Resolutions were considered by the Convention, many of which concerned the strengthening of the Lands Protection Act. Another resolution asked that the Corporate Business Registry of PEI continue to display the names of shareholders and directors of Island companies and that the information regarding the inter-connections between corporations be made much more transparent.

With regard to the Municipal Governance Act, a resolution was passed to request the Minister of Communities, Land and Environment to respect and uphold the decision of residents in non-incorporated areas and incorporated areas with regard to amalgamation and annexation. All resolutions passed with be followed up with the various departments, etc. District Director, Doug Campbell along with Women’s District Director Edith Ling, and the Youth District Director, Byron Petrie were elected by acclamation.

PEI Lands Protection Act: The Spirit and the Letter

The report of the 2018 Cooper Institute Social Justice Symposium features presentations by NFU members Reg Phelan, Edith Ling and Doug Campbell, as well as Gary Schneider. The full report follows, or you can download it as a pdf: Lands Symposium Report 2018.

x9Pbh4Y8TG+VTZ+xhzcmmg_thumb_3b8e

The objectives of the symposium were to:

  • examine the meaning and significance of the spirit and letter of a legislation,
  • review the history of the “Voices for the Land”,
  • identify why and how the Lands Protection Act has been (and is being) misinterpreted to serve a few interests,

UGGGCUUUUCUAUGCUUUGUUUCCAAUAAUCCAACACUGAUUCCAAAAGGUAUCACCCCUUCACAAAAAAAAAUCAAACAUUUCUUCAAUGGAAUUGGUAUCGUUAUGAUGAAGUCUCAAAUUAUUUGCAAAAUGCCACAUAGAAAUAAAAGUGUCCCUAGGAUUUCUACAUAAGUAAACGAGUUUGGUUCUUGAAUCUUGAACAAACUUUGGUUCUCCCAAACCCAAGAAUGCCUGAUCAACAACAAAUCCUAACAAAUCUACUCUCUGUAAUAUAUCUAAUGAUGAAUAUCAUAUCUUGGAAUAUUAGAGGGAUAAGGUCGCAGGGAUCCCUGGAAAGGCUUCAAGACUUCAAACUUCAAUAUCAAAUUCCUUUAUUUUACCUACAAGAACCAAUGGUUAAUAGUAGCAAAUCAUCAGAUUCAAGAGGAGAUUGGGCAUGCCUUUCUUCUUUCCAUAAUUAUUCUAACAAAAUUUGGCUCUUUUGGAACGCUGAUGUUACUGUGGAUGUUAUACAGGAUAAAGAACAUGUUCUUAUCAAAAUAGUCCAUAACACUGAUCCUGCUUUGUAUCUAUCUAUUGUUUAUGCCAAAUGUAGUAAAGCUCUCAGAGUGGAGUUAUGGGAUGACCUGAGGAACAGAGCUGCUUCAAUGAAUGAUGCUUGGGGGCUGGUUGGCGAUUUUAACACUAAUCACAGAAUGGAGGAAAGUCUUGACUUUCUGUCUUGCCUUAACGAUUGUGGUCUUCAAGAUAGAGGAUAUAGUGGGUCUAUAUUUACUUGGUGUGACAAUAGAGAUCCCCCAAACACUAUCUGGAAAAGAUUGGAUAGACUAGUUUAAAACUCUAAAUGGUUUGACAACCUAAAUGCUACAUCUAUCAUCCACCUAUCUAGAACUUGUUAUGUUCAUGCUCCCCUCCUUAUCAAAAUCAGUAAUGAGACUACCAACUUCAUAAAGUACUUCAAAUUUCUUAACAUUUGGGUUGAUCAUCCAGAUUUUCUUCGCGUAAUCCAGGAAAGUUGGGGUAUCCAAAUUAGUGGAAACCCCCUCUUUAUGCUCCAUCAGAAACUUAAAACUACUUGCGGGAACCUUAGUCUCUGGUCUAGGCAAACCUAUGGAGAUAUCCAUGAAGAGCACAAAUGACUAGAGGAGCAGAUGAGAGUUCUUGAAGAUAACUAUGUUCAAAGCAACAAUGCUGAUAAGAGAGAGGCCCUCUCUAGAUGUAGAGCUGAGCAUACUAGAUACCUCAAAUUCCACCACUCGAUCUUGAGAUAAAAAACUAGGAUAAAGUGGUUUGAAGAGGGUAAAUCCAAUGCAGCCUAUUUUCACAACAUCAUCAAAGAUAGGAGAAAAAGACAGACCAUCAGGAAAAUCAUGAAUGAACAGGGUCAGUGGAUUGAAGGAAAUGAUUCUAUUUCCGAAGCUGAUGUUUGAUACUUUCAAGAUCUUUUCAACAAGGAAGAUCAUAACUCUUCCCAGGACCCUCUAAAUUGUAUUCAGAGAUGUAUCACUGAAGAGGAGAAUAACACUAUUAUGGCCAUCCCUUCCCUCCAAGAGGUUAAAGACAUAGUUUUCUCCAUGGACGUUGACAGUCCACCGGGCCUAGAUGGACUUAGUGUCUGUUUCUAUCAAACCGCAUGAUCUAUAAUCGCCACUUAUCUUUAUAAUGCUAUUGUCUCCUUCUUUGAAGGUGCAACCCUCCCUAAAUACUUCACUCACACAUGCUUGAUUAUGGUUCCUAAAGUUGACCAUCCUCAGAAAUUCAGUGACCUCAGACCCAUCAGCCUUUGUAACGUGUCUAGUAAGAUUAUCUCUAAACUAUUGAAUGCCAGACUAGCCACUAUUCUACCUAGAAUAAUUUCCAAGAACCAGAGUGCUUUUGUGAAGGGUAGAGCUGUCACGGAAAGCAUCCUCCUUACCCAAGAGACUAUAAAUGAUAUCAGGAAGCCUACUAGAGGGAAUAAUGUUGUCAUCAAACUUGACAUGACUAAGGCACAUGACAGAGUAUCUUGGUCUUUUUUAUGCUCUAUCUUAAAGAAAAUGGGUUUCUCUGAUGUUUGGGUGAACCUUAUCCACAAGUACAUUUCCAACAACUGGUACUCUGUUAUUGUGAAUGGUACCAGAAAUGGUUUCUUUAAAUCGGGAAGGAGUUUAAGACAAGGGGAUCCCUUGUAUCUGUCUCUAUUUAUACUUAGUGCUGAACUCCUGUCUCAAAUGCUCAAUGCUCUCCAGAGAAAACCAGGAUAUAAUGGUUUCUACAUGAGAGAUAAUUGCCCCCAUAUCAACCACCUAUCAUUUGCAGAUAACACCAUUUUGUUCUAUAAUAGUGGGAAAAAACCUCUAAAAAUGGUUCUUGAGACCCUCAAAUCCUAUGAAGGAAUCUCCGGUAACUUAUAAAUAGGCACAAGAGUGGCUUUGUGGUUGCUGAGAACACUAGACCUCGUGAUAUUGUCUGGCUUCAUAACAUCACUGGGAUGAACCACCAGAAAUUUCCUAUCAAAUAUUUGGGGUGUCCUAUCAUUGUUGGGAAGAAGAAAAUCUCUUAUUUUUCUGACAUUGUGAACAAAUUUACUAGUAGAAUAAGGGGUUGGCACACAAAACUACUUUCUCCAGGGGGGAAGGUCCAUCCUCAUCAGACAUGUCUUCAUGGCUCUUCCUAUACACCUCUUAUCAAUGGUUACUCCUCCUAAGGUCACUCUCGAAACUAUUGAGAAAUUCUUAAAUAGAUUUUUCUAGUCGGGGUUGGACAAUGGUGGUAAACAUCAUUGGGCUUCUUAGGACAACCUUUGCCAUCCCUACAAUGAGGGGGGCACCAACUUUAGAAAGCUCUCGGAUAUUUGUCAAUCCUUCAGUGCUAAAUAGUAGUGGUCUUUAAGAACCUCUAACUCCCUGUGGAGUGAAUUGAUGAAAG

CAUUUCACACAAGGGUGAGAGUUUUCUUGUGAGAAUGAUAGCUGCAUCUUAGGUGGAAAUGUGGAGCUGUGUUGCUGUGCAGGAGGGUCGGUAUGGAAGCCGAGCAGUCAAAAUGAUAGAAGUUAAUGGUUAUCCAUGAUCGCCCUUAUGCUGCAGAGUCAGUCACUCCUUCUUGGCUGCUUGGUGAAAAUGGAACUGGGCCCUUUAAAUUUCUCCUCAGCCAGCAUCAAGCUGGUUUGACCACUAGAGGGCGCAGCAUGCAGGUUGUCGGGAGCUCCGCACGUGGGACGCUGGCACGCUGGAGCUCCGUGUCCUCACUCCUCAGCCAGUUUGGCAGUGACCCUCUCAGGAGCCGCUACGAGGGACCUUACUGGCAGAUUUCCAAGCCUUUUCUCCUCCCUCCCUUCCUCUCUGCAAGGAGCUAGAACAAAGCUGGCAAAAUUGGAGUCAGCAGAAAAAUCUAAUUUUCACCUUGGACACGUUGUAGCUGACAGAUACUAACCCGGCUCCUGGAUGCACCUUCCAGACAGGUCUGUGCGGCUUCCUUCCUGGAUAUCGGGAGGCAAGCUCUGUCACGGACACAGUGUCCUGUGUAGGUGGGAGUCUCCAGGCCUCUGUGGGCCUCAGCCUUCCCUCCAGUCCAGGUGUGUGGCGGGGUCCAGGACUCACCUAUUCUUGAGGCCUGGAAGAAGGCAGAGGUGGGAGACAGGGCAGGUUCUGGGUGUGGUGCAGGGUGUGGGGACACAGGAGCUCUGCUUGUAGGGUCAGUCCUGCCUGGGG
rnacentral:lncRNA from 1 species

• discover some of the loopholes in the Lands Protection Act, and
  • identify practical and doable community action to strengthen the Lands Protection Act.

Continue reading

Ministers of Agriculture, Environment to Speak at District Convention

NATIONAL FARMERS UNION DISTRICT 1, REGION 1 DISTRICT CONVENTION Tuesday, April 3, 2018 – Milton Community Hall

Minister of Agriculture and Fisheries, Robert Henderson and Minister of Communities, Land and the Environment, Richard Brown will address NFU members on April 3rd at the District Convention in Milton. Two important pieces of legislation, the PEI Lands Protection Act and the new Water Act, will most certainly be on the agenda.

There will also be a presentation by researchersDr. Judith Nyiraneza, Barry Thompson, Kyra Stiles who recently released a report detailing a 20-year study of PEI soil organic levels. There has been an overall decline in organic matter, which is also related to water retention capacity. The researchers identified 3 main reasons for the downward trend: increased erosion in heavy rain events, declining number of livestock operations, providing less manure for the soil, and frequent tillage.

17555149_1058196674324673_1123740491_n (1)

The convention is open to the public. Registration will begin at 9:30 a.m. and the meeting will be called to order at 10:00 a.m. The registration fee is $20 per person and this includes a meal at noon. Adjournment is planned for 4:00 p.m. (The storm date is Thursday, April 5).

Loopholes in the Lands Protection Act

Debbie Theurekauf (Cooper Institute), with Edith Ling, Reg Phelan and Doug Campbell of the NFU

Editorial by Douglas Campbell, published in the Charlottetown Guardian,

March 17, 2018

It is a matter of days since the National Farmers Union (NFU) participated with over 65 Islanders in a symposium on the Lands Protection Act: The Spirit and the Letter. Loopholes in the Act were high on the list of participants’ concerns about the implementation of the Act. This week, veteran, volunteer land-acquisition researchers advised the National Farmers Union of a specific case in Kings County which should shock any Islander. Continue reading